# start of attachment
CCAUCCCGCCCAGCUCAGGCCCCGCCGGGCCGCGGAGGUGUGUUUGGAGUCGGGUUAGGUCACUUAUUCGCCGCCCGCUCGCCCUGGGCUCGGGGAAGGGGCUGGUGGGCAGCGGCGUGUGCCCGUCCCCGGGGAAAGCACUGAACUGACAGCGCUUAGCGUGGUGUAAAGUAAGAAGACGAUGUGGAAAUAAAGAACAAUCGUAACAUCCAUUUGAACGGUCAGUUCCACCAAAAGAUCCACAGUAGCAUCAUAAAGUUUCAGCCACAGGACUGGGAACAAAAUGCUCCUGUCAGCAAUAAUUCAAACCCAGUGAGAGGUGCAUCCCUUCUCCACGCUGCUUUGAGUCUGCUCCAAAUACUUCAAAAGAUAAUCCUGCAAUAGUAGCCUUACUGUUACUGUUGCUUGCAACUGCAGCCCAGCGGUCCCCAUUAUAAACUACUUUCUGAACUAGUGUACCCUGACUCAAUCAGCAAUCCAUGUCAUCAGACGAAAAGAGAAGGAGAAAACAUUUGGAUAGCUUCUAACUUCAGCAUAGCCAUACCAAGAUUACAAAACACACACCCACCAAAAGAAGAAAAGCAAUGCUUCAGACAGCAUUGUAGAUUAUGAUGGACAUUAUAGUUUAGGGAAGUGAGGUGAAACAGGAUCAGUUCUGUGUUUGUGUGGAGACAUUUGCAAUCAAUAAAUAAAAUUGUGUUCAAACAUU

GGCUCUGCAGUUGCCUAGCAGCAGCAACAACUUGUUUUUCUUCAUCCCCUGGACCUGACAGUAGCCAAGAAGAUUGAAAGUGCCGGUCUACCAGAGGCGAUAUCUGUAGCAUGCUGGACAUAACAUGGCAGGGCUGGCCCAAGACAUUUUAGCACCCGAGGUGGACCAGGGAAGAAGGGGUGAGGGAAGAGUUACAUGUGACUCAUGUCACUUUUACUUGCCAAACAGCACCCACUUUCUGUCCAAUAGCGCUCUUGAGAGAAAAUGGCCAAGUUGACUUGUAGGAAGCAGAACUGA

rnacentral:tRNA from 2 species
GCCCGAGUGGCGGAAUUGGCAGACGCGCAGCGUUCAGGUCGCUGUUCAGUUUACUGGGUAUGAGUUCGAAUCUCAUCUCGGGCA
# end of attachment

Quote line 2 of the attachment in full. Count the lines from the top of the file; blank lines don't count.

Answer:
GGCUCUGCAGUUGCCUAGCAGCAGCAACAACUUGUUUUUCUUCAUCCCCUGGACCUGACAGUAGCCAAGAAGAUUGAAAGUGCCGGUCUACCAGAGGCGAUAUCUGUAGCAUGCUGGACAUAACAUGGCAGGGCUGGCCCAAGACAUUUUAGCACCCGAGGUGGACCAGGGAAGAAGGGGUGAGGGAAGAGUUACAUGUGACUCAUGUCACUUUUACUUGCCAAACAGCACCCACUUUCUGUCCAAUAGCGCUCUUGAGAGAAAAUGGCCAAGUUGACUUGUAGGAAGCAGAACUGA